Making Multi-Color Crown With One Valve

Admittedly, I did not do any crown shaped drop collision until two years after I started water drop photography even though it is relatively easy to do. A crown drop collision looks something like this and I am going to describe some steps to get this kind of collision:

wd_01This is a typical Crown collision

This type of collision is not caused by two streams of liquid, but only one stream of drops and a hard surface. Normally, in order to get some reflection, the hard surface must be reflective and smooth. A shiny glossy black acrylic board is well known among dropper community. Here is an example of it:

WD_04.jpg

To get reflection, the angle of shot is also important — usually at very low angle relative to horizon. This low angle requires larger size of the acrylic board otherwise, it is very easy to shoot outside of the board. Of course, if you want to get a inside shot of the collision like below, you can use smaller piece of acrylic boards.

WD_02.jpgThis is shot almost straight down and the inside of collision is revealed.

One thing about crown collision is that you can get multiple colors in one shot with only ONE valve!!! The trick is to use different colored liquid to make a small puddle where the drop will be hit upon. The result is an muti-colored crwon. Here is one example of it

wd_03In this example, only one valve dropping white colored liquid down to two colored puddle

Here is a video I made a while ago and you can see a complete crown being made in action.

So to summarize the process, here are steps to make it happen:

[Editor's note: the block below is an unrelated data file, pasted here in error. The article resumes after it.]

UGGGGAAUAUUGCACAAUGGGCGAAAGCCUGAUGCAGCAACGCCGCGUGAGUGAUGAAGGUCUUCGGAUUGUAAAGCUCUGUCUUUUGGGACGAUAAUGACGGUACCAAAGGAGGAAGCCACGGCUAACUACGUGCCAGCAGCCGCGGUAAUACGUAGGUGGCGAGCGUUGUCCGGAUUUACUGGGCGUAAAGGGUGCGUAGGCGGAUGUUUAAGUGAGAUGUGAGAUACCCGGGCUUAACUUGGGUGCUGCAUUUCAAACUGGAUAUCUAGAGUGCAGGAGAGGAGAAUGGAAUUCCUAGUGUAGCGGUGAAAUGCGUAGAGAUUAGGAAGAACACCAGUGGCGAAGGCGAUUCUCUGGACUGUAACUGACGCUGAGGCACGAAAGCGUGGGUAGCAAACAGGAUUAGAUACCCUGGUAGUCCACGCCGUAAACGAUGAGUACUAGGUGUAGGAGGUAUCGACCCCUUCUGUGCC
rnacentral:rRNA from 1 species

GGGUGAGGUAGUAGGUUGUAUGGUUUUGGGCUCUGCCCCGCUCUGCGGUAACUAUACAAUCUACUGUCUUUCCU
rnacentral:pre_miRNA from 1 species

Step 1 — Prepare liquid. I use gum mixture solution and then add food color or acrylic paint into it. Mix it well and put it in small bottles like the one shown with black acrylic sheet above. Make more than one for different colors.

Step 2— Put a black (or white) acrylic sheet at where the crown will be.

Step 3 — Add some liquid to the bottle from above that is controlled by water drop controller. Drop a small drop (like 15ms sized drop) on to the acrylic sheet and take a shot. This has two purposes: one is to find out where the drop will be landing at so we can create a puddle around it. The other purpose is to test the angle and field of view, to see if anything is not desirable. If you move the acrylic sheet so that nothing outside of it is in the view, you need to clean the sheet and drop a small drop again to find the spot.

Step 4 — Once you are happy with the position of acrylic sheet and have located the spot where the drop will land at, add more liquid, maybe different colored ones to form a small puddle. This is very import because without this puddle of liquid, it is very hard to get a crown.

Step 5 — Repeat step 3 and 4 for different Flash Delay (FD), this will allow you to capture different stages of the crown. For example, the following is at very late stage and the collision is almost finished.

img_1572

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